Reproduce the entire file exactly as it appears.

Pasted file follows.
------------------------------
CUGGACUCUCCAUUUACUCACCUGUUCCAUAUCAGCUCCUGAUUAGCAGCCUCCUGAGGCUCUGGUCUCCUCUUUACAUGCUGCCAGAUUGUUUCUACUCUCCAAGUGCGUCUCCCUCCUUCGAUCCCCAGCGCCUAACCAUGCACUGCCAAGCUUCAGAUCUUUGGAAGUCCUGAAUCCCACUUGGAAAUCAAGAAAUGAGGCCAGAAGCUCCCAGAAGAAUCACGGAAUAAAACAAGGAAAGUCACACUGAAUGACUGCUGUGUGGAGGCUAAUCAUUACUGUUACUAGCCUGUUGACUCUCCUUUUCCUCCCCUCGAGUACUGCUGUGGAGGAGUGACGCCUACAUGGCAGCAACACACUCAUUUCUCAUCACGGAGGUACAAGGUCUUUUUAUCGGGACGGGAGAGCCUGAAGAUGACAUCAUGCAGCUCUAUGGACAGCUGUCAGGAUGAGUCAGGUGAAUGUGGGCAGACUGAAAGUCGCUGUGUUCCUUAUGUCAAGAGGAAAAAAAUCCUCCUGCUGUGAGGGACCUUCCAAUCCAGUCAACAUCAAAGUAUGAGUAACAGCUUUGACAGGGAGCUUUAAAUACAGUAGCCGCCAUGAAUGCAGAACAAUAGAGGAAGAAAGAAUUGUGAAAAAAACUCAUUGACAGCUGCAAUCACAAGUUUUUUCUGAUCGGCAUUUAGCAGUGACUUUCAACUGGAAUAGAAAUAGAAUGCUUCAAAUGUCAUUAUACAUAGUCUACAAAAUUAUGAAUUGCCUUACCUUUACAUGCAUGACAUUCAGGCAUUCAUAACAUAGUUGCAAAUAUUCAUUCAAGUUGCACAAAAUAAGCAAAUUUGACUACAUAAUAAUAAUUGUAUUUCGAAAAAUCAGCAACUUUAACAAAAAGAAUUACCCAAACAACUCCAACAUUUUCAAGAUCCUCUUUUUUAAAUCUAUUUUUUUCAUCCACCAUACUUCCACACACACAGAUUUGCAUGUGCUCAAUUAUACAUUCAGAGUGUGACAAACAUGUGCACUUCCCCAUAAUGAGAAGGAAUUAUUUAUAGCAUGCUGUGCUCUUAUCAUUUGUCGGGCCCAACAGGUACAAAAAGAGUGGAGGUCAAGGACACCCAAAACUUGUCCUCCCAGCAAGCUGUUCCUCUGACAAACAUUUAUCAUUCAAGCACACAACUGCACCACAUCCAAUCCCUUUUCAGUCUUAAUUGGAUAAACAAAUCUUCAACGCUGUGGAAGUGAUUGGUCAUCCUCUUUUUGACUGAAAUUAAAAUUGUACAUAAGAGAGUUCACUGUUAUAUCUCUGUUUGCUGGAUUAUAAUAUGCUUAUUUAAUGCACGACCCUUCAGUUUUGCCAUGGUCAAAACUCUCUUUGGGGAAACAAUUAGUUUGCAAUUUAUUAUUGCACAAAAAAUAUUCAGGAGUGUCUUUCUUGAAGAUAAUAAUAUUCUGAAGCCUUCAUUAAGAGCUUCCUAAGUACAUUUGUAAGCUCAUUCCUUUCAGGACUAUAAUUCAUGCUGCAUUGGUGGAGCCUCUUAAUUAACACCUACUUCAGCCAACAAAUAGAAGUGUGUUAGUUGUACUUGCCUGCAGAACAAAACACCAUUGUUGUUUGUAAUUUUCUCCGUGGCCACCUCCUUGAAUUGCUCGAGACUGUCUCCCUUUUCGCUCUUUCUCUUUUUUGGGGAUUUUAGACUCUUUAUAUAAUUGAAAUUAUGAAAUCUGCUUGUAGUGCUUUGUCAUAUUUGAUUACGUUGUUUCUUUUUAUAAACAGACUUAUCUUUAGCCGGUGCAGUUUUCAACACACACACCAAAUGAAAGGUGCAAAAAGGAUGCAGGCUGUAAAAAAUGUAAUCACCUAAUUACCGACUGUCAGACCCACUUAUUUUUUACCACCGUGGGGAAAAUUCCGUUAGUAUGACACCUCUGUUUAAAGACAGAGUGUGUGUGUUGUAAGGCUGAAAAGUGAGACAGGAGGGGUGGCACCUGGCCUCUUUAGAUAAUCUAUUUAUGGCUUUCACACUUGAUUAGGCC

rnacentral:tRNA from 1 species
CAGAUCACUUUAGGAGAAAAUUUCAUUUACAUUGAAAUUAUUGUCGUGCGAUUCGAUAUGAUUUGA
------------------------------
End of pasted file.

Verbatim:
CUGGACUCUCCAUUUACUCACCUGUUCCAUAUCAGCUCCUGAUUAGCAGCCUCCUGAGGCUCUGGUCUCCUCUUUACAUGCUGCCAGAUUGUUUCUACUCUCCAAGUGCGUCUCCCUCCUUCGAUCCCCAGCGCCUAACCAUGCACUGCCAAGCUUCAGAUCUUUGGAAGUCCUGAAUCCCACUUGGAAAUCAAGAAAUGAGGCCAGAAGCUCCCAGAAGAAUCACGGAAUAAAACAAGGAAAGUCACACUGAAUGACUGCUGUGUGGAGGCUAAUCAUUACUGUUACUAGCCUGUUGACUCUCCUUUUCCUCCCCUCGAGUACUGCUGUGGAGGAGUGACGCCUACAUGGCAGCAACACACUCAUUUCUCAUCACGGAGGUACAAGGUCUUUUUAUCGGGACGGGAGAGCCUGAAGAUGACAUCAUGCAGCUCUAUGGACAGCUGUCAGGAUGAGUCAGGUGAAUGUGGGCAGACUGAAAGUCGCUGUGUUCCUUAUGUCAAGAGGAAAAAAAUCCUCCUGCUGUGAGGGACCUUCCAAUCCAGUCAACAUCAAAGUAUGAGUAACAGCUUUGACAGGGAGCUUUAAAUACAGUAGCCGCCAUGAAUGCAGAACAAUAGAGGAAGAAAGAAUUGUGAAAAAAACUCAUUGACAGCUGCAAUCACAAGUUUUUUCUGAUCGGCAUUUAGCAGUGACUUUCAACUGGAAUAGAAAUAGAAUGCUUCAAAUGUCAUUAUACAUAGUCUACAAAAUUAUGAAUUGCCUUACCUUUACAUGCAUGACAUUCAGGCAUUCAUAACAUAGUUGCAAAUAUUCAUUCAAGUUGCACAAAAUAAGCAAAUUUGACUACAUAAUAAUAAUUGUAUUUCGAAAAAUCAGCAACUUUAACAAAAAGAAUUACCCAAACAACUCCAACAUUUUCAAGAUCCUCUUUUUUAAAUCUAUUUUUUUCAUCCACCAUACUUCCACACACACAGAUUUGCAUGUGCUCAAUUAUACAUUCAGAGUGUGACAAACAUGUGCACUUCCCCAUAAUGAGAAGGAAUUAUUUAUAGCAUGCUGUGCUCUUAUCAUUUGUCGGGCCCAACAGGUACAAAAAGAGUGGAGGUCAAGGACACCCAAAACUUGUCCUCCCAGCAAGCUGUUCCUCUGACAAACAUUUAUCAUUCAAGCACACAACUGCACCACAUCCAAUCCCUUUUCAGUCUUAAUUGGAUAAACAAAUCUUCAACGCUGUGGAAGUGAUUGGUCAUCCUCUUUUUGACUGAAAUUAAAAUUGUACAUAAGAGAGUUCACUGUUAUAUCUCUGUUUGCUGGAUUAUAAUAUGCUUAUUUAAUGCACGACCCUUCAGUUUUGCCAUGGUCAAAACUCUCUUUGGGGAAACAAUUAGUUUGCAAUUUAUUAUUGCACAAAAAAUAUUCAGGAGUGUCUUUCUUGAAGAUAAUAAUAUUCUGAAGCCUUCAUUAAGAGCUUCCUAAGUACAUUUGUAAGCUCAUUCCUUUCAGGACUAUAAUUCAUGCUGCAUUGGUGGAGCCUCUUAAUUAACACCUACUUCAGCCAACAAAUAGAAGUGUGUUAGUUGUACUUGCCUGCAGAACAAAACACCAUUGUUGUUUGUAAUUUUCUCCGUGGCCACCUCCUUGAAUUGCUCGAGACUGUCUCCCUUUUCGCUCUUUCUCUUUUUUGGGGAUUUUAGACUCUUUAUAUAAUUGAAAUUAUGAAAUCUGCUUGUAGUGCUUUGUCAUAUUUGAUUACGUUGUUUCUUUUUAUAAACAGACUUAUCUUUAGCCGGUGCAGUUUUCAACACACACACCAAAUGAAAGGUGCAAAAAGGAUGCAGGCUGUAAAAAAUGUAAUCACCUAAUUACCGACUGUCAGACCCACUUAUUUUUUACCACCGUGGGGAAAAUUCCGUUAGUAUGACACCUCUGUUUAAAGACAGAGUGUGUGUGUUGUAAGGCUGAAAAGUGAGACAGGAGGGGUGGCACCUGGCCUCUUUAGAUAAUCUAUUUAUGGCUUUCACACUUGAUUAGGCC

rnacentral:tRNA from 1 species
CAGAUCACUUUAGGAGAAAAUUUCAUUUACAUUGAAAUUAUUGUCGUGCGAUUCGAUAUGAUUUGA